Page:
John,

Below is an introduction and timeline that can be used for putting together a conservation easement.

An easement involves three main projects that have to be undertaken in a coordinated fashion:

LAND TRUST - A land trust must be willing to accept a conservation easement on a tract.  For this to happen there has to be something worth conserving.  The land trust will have to inspect the property.  If they are interested, they will put forth a proposal which includes an outline of the costs and easement requirements.  This process includes:

  • Performing a baseline analysis to document the condition of the property at the time the donation is made and also identifies the conservation values of the property.  This usually costs $2,000 - $3,000 and takes 3-4 weeks.
  • They will also write the easement document.  This document will be recorded and puts the property in a perpetual easement.  This costs about $1,000 in legal fees and takes one or two drafts over a 2-3 week process.
  • The land trust will also require an updated title.  This can be done by any attorney the property owner would like.  This attorney is usually retained to review the easement document for the property owner.  I always recommend Scott Smith with McRae, Stegall & Peek in Rome.  He is the best there is and I trust him completely.  The cost and time frame for this portion of the project varies with the complexity of the conservation easement.
  • The land trust will usually require a donation in the amount of 1.5% to 2% of the donation amount (if the high appraised value is $1 million and the low value is $200,000, the donation would be $800,000.  The 'voluntary' stewardship donation will probably be $12,000 - $16,000 up front at the time the easement is closed.
  • I usually work with Kathrine Eddins of the Georgia/Alabama Land Trust.  However, there are options for which land trust to use.

APPRAISAL - Choosing an appraiser is probably the most important choice in the whole process.  You definitely need a reputable appraiser who is capable of defending his work.  An MAI appraiser is recommended.  This is a wild card in the process.  Most reputable appraisers will not give you an upfront idea of what the appraised value will be before they start.  Also, the appraisal has to be dated within 60 days of the donation.  So, if this is on a property that you have not owned for a year and a day, there is some risk for changing market conditions.  Most appraisals take 30+ days to complete and cost anywhere from $5,000 - $30,000.  I usually work with Hugh Bass, MAI out of Carrollton.  Mr. Bass has been in business for over 40 years and works with his two sons.  They have a great reputation and are highly qulaified.  They usually charge towards the bottom of the price range.  They may be considered conservative, but I have not lost sleep over their work.  The one downside is that it usually takes 45-60 days due to their workload.  One downside to a very aggressive and expensive appraisal is that it that it can be a red flag for audit.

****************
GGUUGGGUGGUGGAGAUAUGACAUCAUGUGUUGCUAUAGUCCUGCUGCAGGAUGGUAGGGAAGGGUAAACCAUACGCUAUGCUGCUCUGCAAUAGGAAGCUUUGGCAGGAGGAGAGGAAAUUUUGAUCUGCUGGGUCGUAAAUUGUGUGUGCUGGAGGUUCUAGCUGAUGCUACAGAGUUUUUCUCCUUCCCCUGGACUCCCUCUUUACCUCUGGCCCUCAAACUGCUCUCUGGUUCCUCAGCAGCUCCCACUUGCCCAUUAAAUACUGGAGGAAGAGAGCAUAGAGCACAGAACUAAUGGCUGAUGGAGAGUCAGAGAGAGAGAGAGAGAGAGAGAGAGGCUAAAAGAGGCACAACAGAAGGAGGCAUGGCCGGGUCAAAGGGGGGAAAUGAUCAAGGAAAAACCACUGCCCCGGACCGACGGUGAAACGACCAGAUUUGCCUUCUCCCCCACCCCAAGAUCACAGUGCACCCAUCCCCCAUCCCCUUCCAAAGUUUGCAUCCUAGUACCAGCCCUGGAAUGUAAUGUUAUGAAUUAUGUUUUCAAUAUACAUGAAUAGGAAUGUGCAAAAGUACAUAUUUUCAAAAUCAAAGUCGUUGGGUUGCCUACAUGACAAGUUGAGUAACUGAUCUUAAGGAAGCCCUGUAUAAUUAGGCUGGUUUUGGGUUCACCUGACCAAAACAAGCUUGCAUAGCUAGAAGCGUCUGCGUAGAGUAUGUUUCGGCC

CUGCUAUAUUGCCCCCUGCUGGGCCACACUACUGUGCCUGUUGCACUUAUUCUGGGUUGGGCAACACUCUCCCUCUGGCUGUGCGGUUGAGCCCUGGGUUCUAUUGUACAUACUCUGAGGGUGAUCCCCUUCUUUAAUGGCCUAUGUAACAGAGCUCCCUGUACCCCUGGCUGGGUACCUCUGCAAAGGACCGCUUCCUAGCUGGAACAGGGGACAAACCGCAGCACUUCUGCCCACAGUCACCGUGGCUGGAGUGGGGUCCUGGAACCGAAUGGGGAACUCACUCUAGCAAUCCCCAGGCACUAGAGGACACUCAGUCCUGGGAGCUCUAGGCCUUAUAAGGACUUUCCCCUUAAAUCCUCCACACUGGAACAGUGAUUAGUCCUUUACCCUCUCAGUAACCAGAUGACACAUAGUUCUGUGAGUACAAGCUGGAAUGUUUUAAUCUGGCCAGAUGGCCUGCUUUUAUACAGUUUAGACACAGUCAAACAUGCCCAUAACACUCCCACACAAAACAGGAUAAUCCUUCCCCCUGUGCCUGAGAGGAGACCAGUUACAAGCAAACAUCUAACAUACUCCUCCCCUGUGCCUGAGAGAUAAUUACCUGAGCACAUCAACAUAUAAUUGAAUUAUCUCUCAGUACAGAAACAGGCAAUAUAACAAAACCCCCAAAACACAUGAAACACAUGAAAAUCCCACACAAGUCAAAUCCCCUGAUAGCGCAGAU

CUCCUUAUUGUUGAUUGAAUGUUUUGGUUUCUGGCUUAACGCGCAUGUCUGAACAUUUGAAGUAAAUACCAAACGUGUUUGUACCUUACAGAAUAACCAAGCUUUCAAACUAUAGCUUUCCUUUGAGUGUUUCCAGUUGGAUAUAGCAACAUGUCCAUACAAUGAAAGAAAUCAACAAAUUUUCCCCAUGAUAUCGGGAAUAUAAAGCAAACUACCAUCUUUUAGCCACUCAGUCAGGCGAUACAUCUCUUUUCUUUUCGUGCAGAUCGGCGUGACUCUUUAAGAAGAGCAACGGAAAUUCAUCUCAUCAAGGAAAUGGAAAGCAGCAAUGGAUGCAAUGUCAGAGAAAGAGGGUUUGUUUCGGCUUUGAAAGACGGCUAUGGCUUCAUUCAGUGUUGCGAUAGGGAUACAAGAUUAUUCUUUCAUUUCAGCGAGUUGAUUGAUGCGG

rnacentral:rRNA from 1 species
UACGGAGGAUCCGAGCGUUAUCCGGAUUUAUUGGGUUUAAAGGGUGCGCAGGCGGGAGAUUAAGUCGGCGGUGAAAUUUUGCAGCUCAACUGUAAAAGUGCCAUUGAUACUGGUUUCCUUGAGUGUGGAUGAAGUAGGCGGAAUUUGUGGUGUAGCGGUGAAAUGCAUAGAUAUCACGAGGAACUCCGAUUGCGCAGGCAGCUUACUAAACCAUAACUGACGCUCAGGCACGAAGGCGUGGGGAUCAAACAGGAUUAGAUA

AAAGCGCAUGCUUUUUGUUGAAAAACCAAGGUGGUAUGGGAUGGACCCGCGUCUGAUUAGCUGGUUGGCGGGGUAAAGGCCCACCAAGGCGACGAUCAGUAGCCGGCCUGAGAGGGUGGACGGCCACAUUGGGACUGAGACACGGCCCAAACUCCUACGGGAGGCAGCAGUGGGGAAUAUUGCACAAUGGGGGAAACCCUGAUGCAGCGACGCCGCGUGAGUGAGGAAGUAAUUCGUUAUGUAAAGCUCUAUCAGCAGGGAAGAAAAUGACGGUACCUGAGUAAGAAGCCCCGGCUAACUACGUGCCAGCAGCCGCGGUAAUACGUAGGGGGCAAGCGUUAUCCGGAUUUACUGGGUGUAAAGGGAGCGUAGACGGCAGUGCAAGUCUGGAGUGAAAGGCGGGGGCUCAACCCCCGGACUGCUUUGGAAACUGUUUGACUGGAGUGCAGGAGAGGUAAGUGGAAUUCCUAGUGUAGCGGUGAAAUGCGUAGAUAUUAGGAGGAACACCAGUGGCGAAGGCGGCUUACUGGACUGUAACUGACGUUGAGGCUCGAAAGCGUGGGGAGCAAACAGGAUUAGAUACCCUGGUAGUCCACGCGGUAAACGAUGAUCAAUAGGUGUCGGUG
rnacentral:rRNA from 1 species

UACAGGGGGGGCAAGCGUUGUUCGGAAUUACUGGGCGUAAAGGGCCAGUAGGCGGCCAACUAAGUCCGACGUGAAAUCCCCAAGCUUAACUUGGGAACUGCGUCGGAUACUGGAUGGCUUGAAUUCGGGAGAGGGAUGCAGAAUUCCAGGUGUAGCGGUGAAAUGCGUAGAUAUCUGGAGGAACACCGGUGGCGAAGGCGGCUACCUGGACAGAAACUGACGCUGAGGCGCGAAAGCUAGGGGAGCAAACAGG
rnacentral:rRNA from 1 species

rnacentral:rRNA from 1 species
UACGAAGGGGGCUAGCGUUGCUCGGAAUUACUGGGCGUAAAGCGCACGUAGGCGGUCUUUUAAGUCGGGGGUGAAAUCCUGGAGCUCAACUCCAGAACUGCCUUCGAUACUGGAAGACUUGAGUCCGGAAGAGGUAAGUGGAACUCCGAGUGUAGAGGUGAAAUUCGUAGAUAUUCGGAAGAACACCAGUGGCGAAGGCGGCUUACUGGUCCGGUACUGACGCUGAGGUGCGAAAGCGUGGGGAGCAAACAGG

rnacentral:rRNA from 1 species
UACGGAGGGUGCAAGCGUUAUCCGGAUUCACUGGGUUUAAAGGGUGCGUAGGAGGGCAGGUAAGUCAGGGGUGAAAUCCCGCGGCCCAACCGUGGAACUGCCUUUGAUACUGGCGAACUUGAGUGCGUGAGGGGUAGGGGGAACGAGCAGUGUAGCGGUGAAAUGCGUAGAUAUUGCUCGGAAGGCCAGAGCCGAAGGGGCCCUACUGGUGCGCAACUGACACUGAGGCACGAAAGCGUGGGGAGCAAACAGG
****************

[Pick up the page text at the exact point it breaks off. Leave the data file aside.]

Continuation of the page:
ENGINEERING - A land plan in line with the highest and best use for the property can pay big dividends.  I have several surveyors who I work with who can work with the topography of the subject property and divide the property 'on paper' in a method that will yield the highest value for the property. The appraiser should be consulted in this process.  Also, the local development authority or planning commission should also be consulted to make sure the plan is legally permissible.

 

TIMELINE

Day 1 - On site inspection

Days 2 -10 - On site meetings with Land Trust, Appraiser & Engineer

Days 10 - 40:

  • Start appraisal process
  • Start and finish engineering process
  • Start and finish land trust baseline process
  • Negotiate fees with land trust and define easement restrictions
  • Have the title updated

Days 40 - 60:

  • Finalize easement document
  • Owner's review of easement document
  • Finalize appraisal

Day 60+ - Close the easement & have the 8283 Form signed 

 

Sample documents from my easement on Big Cedar Creek in Floyd County:

Please keep these confidential:

Pictures from a few of my easement projects